20. 20. Retail Trends & Predictions... organizations streamlining their brick-and-mortar presence less is more ETHICAL CONCEPTS retail entertainment
  21. 21. More Retail Trends & Predictions... more self service
  22. 22. New Branch Concepts lounges... hubs... mini branches... financial spas... cafes... chill out zones... community centres... play areas... supermodern... high fashion... retro... traditional... relaxing... stimulating... styled like shops... homes... conservatories... airports... nightclubs... libraries... boutiques...
  23. 23. Retail Trends Branch Concepts Banks learning from retail? Retail learning from banks?
  24. 24. Digital Convergence - A Seamless Experience? • Retailers are reinventing themselves in response to the impact of the internet • Customers expect integration and are impatient for it to become reality “App-wielding customers make twice the shopping trips per month and spend 40% more than non-app users.” - Walmart “From inspiration to purchase, technology plays an integral role in creating the consumer experience.“
  25. 25. • Pioneered removal of EPOS terminals and introduction of handheld systems for staff to process transactions • An entirely different store look and feel Multi Channel Integration - The Apple Experience “Technology is better if I feel that I’m working less. If I’m not having to think or do things or work, it’s a better product.” Apple co-founder Steve Wozniak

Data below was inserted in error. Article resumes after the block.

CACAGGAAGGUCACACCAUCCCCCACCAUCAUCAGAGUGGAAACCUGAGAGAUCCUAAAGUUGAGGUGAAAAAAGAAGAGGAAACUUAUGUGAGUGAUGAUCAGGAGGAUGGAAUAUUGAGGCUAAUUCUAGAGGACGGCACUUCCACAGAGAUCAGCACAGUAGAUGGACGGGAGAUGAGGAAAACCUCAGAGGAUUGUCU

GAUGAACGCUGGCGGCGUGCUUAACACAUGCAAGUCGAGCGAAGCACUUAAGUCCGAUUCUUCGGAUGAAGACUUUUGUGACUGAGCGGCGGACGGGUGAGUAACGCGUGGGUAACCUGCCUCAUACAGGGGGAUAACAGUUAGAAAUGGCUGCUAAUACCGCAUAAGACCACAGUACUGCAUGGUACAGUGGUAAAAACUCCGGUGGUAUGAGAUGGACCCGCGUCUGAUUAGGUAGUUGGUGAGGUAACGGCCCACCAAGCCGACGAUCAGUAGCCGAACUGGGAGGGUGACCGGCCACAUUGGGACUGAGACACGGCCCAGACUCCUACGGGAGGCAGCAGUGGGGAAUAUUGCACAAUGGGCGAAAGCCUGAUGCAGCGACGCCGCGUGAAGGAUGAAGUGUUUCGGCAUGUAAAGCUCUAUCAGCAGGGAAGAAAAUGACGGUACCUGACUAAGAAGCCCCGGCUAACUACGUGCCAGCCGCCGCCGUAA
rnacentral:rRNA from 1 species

26. 26. • Interactive media wall and work benches • Touchscreen planning table • Digital swipe service browser • Assisted service at “360 Station • Live video conferencing with a remote specialist CitiBank smart banking concept Multi Channel Integration - The Apple Experience
  27. 27. Multi Channel Integration - The Apple Experience • Sophisticated augmented reality app • White walls, exposed ceiling, hard surfaces • High tech toys in a spartan environment? FNB - South Africa